Bloomberg News

Man Group Assets Rise as Outflows Slow

March 01, 2012

The headquarters of Man Group Plc, right, is seen in London. Photographer: Simon Dawson/Bloomberg

The headquarters of Man Group Plc, right, is seen in London. Photographer: Simon Dawson/Bloomberg

Man Group Plc (EMG), the world’s largest publicly traded hedge fund, said outflows slowed and assets under management rose 1.9 percent in the first two months of 2012, stemming last year’s decline. The stock jumped the most in 15 months.

Funds increased to $59.5 billion at the end of February from $58.4 billion at the end of December, London-based Man Group said in a statement today. The increase was triggered by investment gains and a slowdown in the rate at which clients pulled money, Man Group said.

Europe’s sovereign debt crisis triggered investment losses last year and prompted client redemptions from Man Group’s funds in a search for safer assets. Analysts cut their estimates for Man Group’s 2012 earnings after concluding that the decline in assets and the investment performance of the firm’s biggest hedge fund, AHL Diversified, would threaten fees the company charges. To revive earnings, Man Group said last month it would reduce costs by 10 percent by cutting pay and jobs.

“Investor sentiment has improved compared to the last quarter of 2011 and lower redemptions have driven a significant reduction in the rate of net outflows,” Man Group Chief Executive Officer Peter Clarke said in today’s statement. “Sentiment remains fragile.”

The gap between new sales of investment products and client redemptions was “small” in January and “almost completely closed” in February, Clarke told reporters on a conference call. Man Group doesn’t disclose monthly figures on redemptions and outflows, he said.

Dividend Policy

The shares, which had slumped by 51 percent in the past 12 months, climbed 13 percent to 147.5 pence in London trading, their biggest gain since November 2010. Man Group will change its dividend policy to pay out all of its adjusted management fee earnings as a dividend. The firm expects to pay investors a dividend of 22 cents a share for 2012. The stock already offers investors the biggest dividend yield in the FTSE 100 index.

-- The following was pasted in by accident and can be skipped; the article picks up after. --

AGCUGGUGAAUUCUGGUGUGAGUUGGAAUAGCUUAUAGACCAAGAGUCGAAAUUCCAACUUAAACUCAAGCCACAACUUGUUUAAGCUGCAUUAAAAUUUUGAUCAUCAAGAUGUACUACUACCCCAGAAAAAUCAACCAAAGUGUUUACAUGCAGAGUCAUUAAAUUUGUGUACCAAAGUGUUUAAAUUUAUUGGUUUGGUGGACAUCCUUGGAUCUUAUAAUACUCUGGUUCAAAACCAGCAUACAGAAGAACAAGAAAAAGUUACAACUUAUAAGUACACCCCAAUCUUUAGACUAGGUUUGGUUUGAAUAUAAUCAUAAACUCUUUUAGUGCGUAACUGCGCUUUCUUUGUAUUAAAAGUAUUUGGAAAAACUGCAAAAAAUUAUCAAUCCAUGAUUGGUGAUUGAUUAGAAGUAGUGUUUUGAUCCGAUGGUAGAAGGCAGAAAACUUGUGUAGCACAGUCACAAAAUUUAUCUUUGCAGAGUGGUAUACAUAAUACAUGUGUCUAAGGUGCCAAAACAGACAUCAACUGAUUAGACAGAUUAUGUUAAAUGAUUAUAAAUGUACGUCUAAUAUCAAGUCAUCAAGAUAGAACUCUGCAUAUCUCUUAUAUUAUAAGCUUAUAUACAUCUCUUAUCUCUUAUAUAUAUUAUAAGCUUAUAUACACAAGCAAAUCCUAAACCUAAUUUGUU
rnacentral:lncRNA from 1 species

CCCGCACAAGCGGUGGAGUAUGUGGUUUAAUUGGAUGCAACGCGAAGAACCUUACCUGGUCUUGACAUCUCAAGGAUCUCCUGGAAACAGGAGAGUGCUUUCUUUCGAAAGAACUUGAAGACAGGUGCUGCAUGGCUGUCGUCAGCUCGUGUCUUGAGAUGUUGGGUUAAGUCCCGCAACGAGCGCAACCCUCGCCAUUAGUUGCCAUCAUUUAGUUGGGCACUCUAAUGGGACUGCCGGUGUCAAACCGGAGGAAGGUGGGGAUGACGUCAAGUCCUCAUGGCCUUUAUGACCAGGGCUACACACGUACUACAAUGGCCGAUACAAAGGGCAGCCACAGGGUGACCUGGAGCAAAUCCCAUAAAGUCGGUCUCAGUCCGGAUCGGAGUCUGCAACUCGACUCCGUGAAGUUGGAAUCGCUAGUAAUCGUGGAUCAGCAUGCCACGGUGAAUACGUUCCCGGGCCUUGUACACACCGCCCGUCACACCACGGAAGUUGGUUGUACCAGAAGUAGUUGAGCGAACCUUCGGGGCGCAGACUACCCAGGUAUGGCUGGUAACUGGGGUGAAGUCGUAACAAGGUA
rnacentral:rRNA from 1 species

Clients withdrew a net $2.5 billion from Man Group’s funds in the fourth quarter. Since the end of March 2011, assets managed by the firm have fallen 14 percent from $69.1 billion.

The increase in assets through February was driven by gains at investment funds overseen by GLG Partners LP, the money- management firm Man Group purchased in 2010 for $1.6 billion. GLG’s European Equity Alternative fund gained 6 percent this year through Feb. 24, the Global Convertibles fund rose 8.4 percent and the Emerging Markets fund increased 6.9 percent, the company said in the statement.

AHL (MAHLDGB), a $21 billion program that uses computer algorithms to spot profitable trades in futures markets, climbed 2.5 percent this year through Feb. 27. Man Group bought GLG after investors and analysts said the company was too dependent on AHL.

Adjusted pretax profit in the nine months through December was $262 million compared with $599 million in the 12 months through March 2011. Man Group has changed its year-end reporting period to December.

To contact the reporter on this story: Jesse Westbrook in London at jwestbrook1@bloomberg.net

To contact the editor responsible for this story: Edward Evans at eevans3@bloomberg.net


China's Killer Profits
LIMITED-TIME OFFER SUBSCRIBE NOW
 
blog comments powered by Disqus